The North American Folk Music Revival Nation And Identity In The United States And Canada 1945 1980

Author: Gillian Mitchell
Publisher: Routledge
ISBN: 1317022505
Size: 30.23 MB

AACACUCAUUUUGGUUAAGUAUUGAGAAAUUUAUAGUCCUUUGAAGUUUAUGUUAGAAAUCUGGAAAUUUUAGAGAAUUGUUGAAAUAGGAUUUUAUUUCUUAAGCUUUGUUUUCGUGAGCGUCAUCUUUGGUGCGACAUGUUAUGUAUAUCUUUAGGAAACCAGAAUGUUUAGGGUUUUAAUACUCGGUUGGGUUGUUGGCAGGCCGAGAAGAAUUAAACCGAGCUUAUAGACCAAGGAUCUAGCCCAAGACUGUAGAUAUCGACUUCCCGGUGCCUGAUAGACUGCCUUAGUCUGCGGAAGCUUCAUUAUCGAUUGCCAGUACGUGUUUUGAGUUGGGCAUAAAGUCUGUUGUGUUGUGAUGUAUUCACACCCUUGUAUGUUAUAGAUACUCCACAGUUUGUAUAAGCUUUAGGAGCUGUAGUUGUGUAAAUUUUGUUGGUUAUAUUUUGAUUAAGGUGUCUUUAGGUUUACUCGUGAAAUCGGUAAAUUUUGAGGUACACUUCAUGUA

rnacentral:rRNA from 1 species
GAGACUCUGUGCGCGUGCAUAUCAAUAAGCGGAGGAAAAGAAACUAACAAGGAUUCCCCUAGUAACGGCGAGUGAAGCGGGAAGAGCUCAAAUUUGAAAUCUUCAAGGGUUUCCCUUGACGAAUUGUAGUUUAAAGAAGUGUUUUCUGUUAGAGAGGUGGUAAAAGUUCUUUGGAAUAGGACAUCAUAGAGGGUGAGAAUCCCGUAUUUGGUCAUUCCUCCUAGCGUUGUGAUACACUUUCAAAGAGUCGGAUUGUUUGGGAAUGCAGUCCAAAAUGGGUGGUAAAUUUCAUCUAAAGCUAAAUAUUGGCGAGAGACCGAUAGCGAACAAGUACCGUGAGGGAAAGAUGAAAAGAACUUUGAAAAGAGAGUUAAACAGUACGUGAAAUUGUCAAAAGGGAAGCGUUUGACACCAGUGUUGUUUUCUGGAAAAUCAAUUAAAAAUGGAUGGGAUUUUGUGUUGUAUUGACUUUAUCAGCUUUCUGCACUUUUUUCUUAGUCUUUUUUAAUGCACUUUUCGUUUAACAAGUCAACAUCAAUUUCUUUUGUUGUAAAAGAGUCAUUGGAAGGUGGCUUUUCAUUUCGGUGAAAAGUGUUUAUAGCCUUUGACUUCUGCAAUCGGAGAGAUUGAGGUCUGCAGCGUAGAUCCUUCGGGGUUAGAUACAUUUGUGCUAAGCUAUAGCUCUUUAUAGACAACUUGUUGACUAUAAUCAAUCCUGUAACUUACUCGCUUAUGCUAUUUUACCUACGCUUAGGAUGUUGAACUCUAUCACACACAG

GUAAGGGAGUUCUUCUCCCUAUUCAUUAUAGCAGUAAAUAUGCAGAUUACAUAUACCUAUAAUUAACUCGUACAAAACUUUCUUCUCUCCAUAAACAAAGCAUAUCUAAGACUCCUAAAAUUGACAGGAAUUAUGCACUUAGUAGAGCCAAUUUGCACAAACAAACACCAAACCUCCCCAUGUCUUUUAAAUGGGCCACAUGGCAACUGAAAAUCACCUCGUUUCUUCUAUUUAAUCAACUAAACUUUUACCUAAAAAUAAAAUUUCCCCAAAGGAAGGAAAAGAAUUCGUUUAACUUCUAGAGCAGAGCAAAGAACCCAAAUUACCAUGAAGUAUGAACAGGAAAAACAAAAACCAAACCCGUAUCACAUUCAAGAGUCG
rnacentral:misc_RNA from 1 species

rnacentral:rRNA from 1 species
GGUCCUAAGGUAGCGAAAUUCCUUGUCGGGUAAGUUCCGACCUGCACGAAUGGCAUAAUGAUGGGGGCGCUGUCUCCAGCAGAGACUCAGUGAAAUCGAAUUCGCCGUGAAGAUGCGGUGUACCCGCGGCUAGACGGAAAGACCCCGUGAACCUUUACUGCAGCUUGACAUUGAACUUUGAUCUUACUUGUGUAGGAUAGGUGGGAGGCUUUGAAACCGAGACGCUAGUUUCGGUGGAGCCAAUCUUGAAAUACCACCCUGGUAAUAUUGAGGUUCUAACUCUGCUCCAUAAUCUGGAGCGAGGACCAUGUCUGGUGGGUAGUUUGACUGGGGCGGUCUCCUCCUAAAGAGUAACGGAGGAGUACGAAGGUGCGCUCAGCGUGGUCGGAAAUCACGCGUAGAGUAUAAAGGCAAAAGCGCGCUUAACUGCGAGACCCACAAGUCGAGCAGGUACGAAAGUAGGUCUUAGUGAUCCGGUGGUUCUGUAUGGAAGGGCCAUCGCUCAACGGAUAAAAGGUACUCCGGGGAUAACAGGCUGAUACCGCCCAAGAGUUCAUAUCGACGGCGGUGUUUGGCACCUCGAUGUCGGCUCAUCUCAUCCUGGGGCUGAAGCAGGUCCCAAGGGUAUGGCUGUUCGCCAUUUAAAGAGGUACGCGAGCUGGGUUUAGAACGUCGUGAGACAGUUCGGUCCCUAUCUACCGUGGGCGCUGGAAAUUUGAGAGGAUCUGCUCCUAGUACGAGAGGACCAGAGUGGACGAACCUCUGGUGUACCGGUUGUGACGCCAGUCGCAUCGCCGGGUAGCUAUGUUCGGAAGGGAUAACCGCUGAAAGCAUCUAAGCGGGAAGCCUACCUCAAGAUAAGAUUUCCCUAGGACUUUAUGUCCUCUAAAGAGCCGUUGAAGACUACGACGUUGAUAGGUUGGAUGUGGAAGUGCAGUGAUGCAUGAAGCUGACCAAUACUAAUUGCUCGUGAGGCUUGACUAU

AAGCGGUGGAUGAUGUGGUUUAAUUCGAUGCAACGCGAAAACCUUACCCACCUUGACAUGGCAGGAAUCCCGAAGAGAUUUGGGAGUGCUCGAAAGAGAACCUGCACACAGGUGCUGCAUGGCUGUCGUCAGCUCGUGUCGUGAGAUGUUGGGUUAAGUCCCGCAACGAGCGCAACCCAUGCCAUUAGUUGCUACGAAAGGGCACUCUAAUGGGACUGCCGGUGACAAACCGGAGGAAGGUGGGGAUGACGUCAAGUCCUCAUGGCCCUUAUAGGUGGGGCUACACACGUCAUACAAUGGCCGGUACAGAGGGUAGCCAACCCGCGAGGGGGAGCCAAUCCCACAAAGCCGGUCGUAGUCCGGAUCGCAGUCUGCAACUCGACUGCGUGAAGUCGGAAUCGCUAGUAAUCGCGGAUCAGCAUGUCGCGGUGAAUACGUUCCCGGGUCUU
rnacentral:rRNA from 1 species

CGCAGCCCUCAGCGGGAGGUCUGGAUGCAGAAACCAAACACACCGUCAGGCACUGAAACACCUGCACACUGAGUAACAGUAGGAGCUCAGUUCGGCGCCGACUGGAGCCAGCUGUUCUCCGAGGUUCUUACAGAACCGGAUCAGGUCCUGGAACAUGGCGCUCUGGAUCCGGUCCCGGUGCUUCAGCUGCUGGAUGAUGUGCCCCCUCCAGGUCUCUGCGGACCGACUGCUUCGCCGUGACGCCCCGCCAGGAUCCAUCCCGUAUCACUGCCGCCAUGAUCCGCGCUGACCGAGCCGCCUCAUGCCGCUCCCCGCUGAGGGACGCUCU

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This work represents the first comparative study of the folk revival movement in Anglophone Canada and the United States and combines this with discussion of the way folk music intersected with, and was structured by, conceptions of national affinity and national identity. Based on original archival research carried out principally in Toronto, Washington and Ottawa, it is a thematic, rather than general, study of the movement which has been influenced by various academic disciplines, including history, musicology and folklore. Dr Gillian Mitchell begins with an introduction that provides vital context for the subject by tracing the development of the idea of 'the folk', folklore and folk music since the nineteenth century, and how that idea has been applied in the North American context, before going on to examine links forged by folksong collectors, artists and musicians between folk music and national identity during the early twentieth century. With the 'boom' of the revival in the early sixties came the ways in which the movement in both countries proudly promoted a vision of nation that was inclusive, pluralistic and eclectic. It was a vision which proved compatible with both Canada and America, enabling both countries to explore a diversity of music without exclusiveness or narrowness of focus. It was also closely linked to the idealism of the grassroots political movements of the early 1960s, such as integrationist civil rights, and the early student movement. After 1965 this inclusive vision of nation in folk music began to wane. While the celebrations of the Centennial in Canada led to a re-emphasis on the 'Canadianness' of Canadian folk music, the turbulent events in the United States led many ex-revivalists to turn away from politics and embrace new identities as introspective singer-songwriters. Many of those who remained interested in traditional folk music styles, such as Celtic or Klezmer music, tended to be very insular and conservative in their approach, rather than linking their chosen genre to a wider world of folk music; however, more recent attempts at 'fusion' or 'world' music suggest a return to the eclectic spirit of the 1960s folk revival. Thus, from 1945 to 1980, folk music in Canada and America experienced an evolving and complex relationship with the concepts of nation and national identity. Students will find the book useful as an introduction, not only to key themes in the folk revival, but also to concepts in the study of national identity and to topics in American and Canadian cultural history. Academic specialists will encounter an alternative perspective from the more general, broad approach offered by earlier histories of the folk revival movement.